The first step to preventing identity theft is to understand how it happens. Here are some of the most common vulnerabilities and strategies for fighting back:
Hacked Shopping Sites
Shopping online has become so routine for many of us that it's easy to forget that some Web sites haven't taken the steps they should to protect us. Sophisticated identity thieves -- often in foreign countries -- spend all day just trying to figure out how to hack into those sites and grab their treasure troves of credit card numbers and other identifying information. What to do?
Make sure when you move from the informational section of a Web site to the purchasing section, that the "HTTP" in the URL changes into an "HTTPS." The "S" stands for "secure."
Only shop at well-established retailers. If you must buy from an obscure site, check its reputation first with the Better Business Bureau.
Never use a debit card to make online purchases. If the thieves snatch your account information, they will be draining your actual bank account. Better to use a credit card, which limits your liability to $50. Usually the card company covers the entire loss.
When I infiltrated the Internet underworld where identity thieves buy and sell people's information, it was most gut-wrenching to see "full profiles" where the crooks even had the person's Social Security number, mother's maiden name and ATM PIN. Usually, this kind of detail is provided to the crooks by the victims themselves, when they respond to phishing e-mails. A phishing attack is an illegitimate e-mail made to look as if it's from a bank or government agency. They're very convincing. The crooks claim they need to verify your account information "for your own protection." They then ask for every possible financial detail.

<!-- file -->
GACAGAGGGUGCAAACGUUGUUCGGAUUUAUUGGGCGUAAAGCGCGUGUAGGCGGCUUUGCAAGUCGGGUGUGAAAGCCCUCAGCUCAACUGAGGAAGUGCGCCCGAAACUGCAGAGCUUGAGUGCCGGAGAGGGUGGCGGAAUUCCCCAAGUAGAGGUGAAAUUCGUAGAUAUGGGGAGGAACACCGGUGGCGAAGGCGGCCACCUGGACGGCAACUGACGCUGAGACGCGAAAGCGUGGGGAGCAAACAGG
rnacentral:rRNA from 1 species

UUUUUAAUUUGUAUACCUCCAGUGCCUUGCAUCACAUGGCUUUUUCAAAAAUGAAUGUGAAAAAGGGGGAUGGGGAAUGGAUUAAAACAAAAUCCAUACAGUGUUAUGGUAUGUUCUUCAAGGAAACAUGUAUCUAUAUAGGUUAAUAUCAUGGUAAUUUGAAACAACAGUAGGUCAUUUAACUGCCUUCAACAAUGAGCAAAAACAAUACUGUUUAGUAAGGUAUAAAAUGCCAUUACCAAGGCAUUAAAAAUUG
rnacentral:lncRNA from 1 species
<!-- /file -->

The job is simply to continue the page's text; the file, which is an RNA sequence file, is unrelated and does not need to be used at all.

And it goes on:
Keep in mind that banks and government agencies rarely communicate with their customers/citizens via e-mail. If in doubt, call the entity in question and ask if they sent you an e-mail.
Be on the lookout for poor spelling and grammar. Many identity thieves are foreigners who mangle the English language. On the other hand, in researching this story, I found that some ID thieves actually copy phishing e-mails from consumer protection Web sites that post samples for educational purposes.
Only provide financial information when you have initiated the contact, whether by e-mail or by phone.
If you are phished, you need to know about the Federal Reserve Board's Regulation E. It states that as long as you report the problem within two days, you are only liable for $50 in losses. Wait three days and your liability jumps us to $500. Wait more than 60 days and your liability is unlimited.
As we show you in Part 2 of our special report "Stealing You" on "World News With Charles Gibson," clever con artists have learned to attach false fronts to ATM machines and capture people's PIN numbers that way.
Basically, they mount a skimming device over the slot where you insert your card. Then, there are two ways they learn your PIN. Either they mount a hidden camera nearby to record your PIN. Or they rig the machine so your card gets stuck in it. A spotter waits nearby, and when you struggle with the card, he offers assistance, claiming he just had the same problem. Eventually, he asks you to input your PIN, claiming that's what's needed to get your card out.